- Ashley Fox
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It took 17 weeks and 512 games, but the 2012 playoff field is finally set after a huge final Sunday of the regular season.
The Houston Texans blew the No. 1 overall seed in the AFC and fell all the way to No. 3, meaning they will host the Cincinnati Bengals in a wild-card game this weekend. The Denver Broncos and New England Patriots capitalized on Houston's loss and claimed the No. 1 and No. 2 seeds, respectively, setting up a potential dream matchup between Denver's Peyton Manning and New England's Tom Brady in the conference title game.
The Texans and the Atlanta Falcons, the No. 1 seed in the NFC, limp into the postseason with questions aplenty. The New York Giants didn't get in. Neither did the Chicago Bears or Dallas Cowboys, who lost the Week 17 nightcap in a win-or-go-home matchup for the NFC East title against the Washington Redskins.
Adrian Peterson fell 9 yards shy of breaking Eric Dickerson's 28-year-old single-season rushing record, but he helped the Minnesota Vikings get into the playoffs after winning just three games in 2011.
In a season in which the hottest team has changed from week to week, the postseason race to New Orleans and Super Bowl XLVII could be wide open. Can a team with a rookie quarterback make a run? Can a team that utilizes the formation du jour, the pistol, create havoc for defenses not used to seeing it? Or will history repeat itself and once again give us an elite quarterback who can pick defenses apart from the pocket hoisting the Lombardi Trophy?
Anything can happen. Any team can create that elusive cocktail of momentum and confidence the way the Giants did last year and Green Bay did the year before. But given the body of work over the last course of the season, given their quarterback and their defense and the overall completeness of their team, the Broncos are the team to beat.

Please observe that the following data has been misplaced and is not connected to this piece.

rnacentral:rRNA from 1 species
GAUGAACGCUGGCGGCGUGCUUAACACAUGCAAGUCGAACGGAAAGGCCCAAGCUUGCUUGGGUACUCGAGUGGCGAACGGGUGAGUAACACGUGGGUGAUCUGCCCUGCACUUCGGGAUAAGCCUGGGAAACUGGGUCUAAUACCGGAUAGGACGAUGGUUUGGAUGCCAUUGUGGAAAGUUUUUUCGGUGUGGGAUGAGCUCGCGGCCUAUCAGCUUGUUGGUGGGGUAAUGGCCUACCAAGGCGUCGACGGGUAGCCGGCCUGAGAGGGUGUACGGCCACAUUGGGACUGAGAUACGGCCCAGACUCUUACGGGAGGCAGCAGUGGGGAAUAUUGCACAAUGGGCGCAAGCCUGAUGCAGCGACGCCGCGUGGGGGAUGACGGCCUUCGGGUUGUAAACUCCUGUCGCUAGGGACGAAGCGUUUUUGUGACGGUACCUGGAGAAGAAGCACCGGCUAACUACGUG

There is also this little nugget, perhaps a foreshadowing of what we will see on Feb. 3, 2013, at the Mercedes Benz Superdome: The last time Denver held the top seed in the AFC was 1998, when John Elway was the quarterback and Denver won it all. So it seems the Broncos are destined to repeat that history. It is, after all, why Elway, now the team's executive vice president of football operations, recruited Manning last March.
Elway thought one piece was missing in Denver, which claimed the AFC West title in 2011 and won a playoff game with Tim Tebow as its quarterback. Manning was that piece.
And Manning is no dummy. He saw all the other pieces: A defense that can rush the passer and stop the run -- two keys to playoff success -- and offensive weapons in Demaryius Thomas, Eric Decker, Jacob Tamme and Joel Dreessen. Manning knew Denver had a serviceable running game that would keep defenses honest.
That the season started slowly for Denver wasn't much of a surprise or reason to panic. Chemistry between a quarterback and his receivers doesn't develop overnight. Minicamps and training camp and preseason games help, but nothing compares to regular-season game action.